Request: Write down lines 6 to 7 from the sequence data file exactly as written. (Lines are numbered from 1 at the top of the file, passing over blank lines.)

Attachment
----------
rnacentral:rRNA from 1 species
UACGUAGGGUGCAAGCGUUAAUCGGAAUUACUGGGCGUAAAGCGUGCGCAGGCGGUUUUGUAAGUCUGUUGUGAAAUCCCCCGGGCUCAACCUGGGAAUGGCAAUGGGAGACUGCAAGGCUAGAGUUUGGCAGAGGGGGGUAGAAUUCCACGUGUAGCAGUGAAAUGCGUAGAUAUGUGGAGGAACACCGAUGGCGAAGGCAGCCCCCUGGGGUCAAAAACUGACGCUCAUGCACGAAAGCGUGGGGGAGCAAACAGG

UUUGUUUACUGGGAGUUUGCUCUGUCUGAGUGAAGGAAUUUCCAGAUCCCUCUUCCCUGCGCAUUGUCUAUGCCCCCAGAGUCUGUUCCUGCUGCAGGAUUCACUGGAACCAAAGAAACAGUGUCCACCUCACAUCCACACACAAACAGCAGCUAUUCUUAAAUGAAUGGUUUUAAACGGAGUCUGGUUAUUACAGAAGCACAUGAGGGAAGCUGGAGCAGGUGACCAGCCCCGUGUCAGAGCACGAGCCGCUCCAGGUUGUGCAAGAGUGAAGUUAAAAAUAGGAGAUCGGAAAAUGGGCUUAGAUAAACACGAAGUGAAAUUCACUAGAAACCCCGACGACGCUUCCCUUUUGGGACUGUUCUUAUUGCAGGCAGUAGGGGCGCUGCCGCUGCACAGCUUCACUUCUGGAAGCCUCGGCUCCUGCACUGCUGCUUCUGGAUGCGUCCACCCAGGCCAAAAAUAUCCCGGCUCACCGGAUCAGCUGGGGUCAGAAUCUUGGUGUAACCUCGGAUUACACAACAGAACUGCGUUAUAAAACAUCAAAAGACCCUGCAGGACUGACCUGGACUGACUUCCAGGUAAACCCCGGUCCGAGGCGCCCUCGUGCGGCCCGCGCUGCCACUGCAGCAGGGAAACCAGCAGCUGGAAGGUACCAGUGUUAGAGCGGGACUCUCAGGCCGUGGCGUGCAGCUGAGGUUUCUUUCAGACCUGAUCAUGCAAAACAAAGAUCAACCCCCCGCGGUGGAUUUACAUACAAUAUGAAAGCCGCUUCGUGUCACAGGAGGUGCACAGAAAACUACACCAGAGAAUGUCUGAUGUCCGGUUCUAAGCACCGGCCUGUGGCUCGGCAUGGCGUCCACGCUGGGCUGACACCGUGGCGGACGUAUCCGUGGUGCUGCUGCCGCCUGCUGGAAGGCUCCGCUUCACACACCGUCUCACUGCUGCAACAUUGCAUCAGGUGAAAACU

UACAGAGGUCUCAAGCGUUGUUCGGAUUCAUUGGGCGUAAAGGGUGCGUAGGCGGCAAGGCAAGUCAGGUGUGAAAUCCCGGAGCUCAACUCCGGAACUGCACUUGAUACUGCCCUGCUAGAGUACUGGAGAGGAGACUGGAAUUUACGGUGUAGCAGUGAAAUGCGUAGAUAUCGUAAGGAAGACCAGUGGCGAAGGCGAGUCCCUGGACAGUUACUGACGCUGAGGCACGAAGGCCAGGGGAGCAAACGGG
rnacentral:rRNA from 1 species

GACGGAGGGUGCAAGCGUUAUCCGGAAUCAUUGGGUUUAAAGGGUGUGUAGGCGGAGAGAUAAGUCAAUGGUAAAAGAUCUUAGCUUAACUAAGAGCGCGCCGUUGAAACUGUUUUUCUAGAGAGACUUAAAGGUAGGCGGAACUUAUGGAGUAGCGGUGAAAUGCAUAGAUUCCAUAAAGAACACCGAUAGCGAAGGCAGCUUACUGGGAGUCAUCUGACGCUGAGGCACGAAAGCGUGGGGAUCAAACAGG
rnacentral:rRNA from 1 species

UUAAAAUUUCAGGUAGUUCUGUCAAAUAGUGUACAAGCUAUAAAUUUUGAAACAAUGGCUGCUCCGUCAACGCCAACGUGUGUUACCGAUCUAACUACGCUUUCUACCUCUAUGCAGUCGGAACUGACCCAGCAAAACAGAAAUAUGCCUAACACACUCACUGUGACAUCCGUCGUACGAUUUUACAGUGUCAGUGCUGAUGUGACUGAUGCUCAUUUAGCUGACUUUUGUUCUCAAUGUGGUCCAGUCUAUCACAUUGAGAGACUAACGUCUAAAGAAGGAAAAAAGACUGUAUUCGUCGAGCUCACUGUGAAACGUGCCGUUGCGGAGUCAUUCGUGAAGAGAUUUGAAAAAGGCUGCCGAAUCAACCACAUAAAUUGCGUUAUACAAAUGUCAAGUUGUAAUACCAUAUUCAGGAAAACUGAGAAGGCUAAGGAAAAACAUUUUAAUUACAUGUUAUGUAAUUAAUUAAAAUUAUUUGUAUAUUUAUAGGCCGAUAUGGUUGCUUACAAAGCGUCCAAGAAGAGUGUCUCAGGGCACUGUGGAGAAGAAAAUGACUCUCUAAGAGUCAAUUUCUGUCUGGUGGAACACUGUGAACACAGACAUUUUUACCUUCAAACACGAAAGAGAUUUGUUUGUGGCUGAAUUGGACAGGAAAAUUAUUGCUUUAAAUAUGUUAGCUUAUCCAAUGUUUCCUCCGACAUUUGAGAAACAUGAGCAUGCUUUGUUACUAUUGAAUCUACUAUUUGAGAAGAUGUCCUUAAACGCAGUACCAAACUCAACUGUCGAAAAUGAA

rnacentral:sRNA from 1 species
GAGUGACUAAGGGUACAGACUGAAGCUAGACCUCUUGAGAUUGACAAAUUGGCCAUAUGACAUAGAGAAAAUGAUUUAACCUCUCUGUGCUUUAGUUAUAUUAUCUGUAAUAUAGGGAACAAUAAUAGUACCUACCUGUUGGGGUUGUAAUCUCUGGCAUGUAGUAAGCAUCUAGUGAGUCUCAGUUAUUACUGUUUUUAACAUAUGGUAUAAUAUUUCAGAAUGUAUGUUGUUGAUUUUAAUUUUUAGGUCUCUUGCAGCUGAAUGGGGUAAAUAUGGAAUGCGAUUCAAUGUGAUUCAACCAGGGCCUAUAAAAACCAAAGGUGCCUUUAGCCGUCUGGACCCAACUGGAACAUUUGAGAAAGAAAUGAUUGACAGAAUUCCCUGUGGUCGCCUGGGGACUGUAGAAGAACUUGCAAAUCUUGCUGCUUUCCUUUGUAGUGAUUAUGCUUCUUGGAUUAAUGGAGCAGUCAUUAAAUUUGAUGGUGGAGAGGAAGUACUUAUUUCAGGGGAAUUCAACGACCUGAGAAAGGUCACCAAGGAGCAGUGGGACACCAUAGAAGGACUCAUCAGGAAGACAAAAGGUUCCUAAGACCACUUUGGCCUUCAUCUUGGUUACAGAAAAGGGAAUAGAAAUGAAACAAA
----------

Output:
GACGGAGGGUGCAAGCGUUAUCCGGAAUCAUUGGGUUUAAAGGGUGUGUAGGCGGAGAGAUAAGUCAAUGGUAAAAGAUCUUAGCUUAACUAAGAGCGCGCCGUUGAAACUGUUUUUCUAGAGAGACUUAAAGGUAGGCGGAACUUAUGGAGUAGCGGUGAAAUGCAUAGAUUCCAUAAAGAACACCGAUAGCGAAGGCAGCUUACUGGGAGUCAUCUGACGCUGAGGCACGAAAGCGUGGGGAUCAAACAGG
rnacentral:rRNA from 1 species